The second phase of reform will deal with the more complex issues of resource allocation and infrastructure provision. A major piece of work will be undertaken on tradable water rights to improve the incentives for efficient and flexible water use. National will look to replace the command-and-control approach to urban development with the smart use of development levies. It is not for the state or councils to drive more dense city living by regulation, but instead to ensure people face the full infrastructure costs of their lifestyle decisions. These initiatives are about making greater use of economic instruments within the RMA framework and will be developed on a slower track to enable community input and careful attention to detail.
To increase certainty and consistency National will:
Establish an Environmental Protection Authority with responsibility for developing national environmental standards and policy statements.
Strengthen national environmental standards by removing the ability for councils to set different standards and by requiring approval of resource consents that comply with national standards.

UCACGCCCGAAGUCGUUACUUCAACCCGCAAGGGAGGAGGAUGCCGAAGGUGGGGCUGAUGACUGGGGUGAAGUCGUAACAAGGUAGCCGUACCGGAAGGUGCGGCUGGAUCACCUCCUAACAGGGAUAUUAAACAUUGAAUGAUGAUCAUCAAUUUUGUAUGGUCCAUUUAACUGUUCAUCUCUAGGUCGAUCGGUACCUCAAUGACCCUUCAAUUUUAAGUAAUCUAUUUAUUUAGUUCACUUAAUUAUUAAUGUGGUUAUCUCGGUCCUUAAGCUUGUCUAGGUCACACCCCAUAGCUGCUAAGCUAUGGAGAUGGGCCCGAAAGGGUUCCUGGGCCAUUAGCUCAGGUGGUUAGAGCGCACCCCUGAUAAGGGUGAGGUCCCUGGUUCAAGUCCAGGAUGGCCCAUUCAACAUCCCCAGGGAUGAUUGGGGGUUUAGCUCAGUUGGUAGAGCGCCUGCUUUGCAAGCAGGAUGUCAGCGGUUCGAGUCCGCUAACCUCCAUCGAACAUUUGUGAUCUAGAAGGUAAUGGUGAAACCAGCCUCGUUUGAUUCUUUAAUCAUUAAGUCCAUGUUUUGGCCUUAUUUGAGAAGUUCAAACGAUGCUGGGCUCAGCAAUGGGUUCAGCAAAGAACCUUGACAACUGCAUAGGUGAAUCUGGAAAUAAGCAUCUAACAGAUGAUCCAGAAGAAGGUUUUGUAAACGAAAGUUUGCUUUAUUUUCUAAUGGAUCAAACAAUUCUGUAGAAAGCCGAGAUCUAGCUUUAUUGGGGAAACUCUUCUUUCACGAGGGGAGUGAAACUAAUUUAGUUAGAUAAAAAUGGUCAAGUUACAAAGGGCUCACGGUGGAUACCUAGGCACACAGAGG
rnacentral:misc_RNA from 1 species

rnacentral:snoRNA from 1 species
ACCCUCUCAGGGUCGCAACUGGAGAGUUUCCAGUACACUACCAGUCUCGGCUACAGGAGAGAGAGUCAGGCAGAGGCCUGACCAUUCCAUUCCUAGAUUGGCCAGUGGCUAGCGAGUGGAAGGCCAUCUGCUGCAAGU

Rewrite the principles of the Act to provide for sustainable development and a greater recognition of property rights.
Repeal section 8 (Treaty of Waitangi) and the 33 other provisions that make exclusive reference to Maori cultural and spiritual values.
Repeal Labour’s 2005 amendment that requires District Councils to comply with policy directives from Regional Councils.
Simplify the process for changing district and regional plans and require all councils to have operative plans within 12 months of the reform bill being passed.
Tighten the definition of ‘environment’ so the Act is focussed on management of natural and physical resources.
Limit the role of DoC to advising councils on biodiversity and heritage issues.
To reduce delays in the RMA, National will:
Enable resource consent applicants to refuse further information requests from councils, and to have their consent accepted or rejected on the information provided.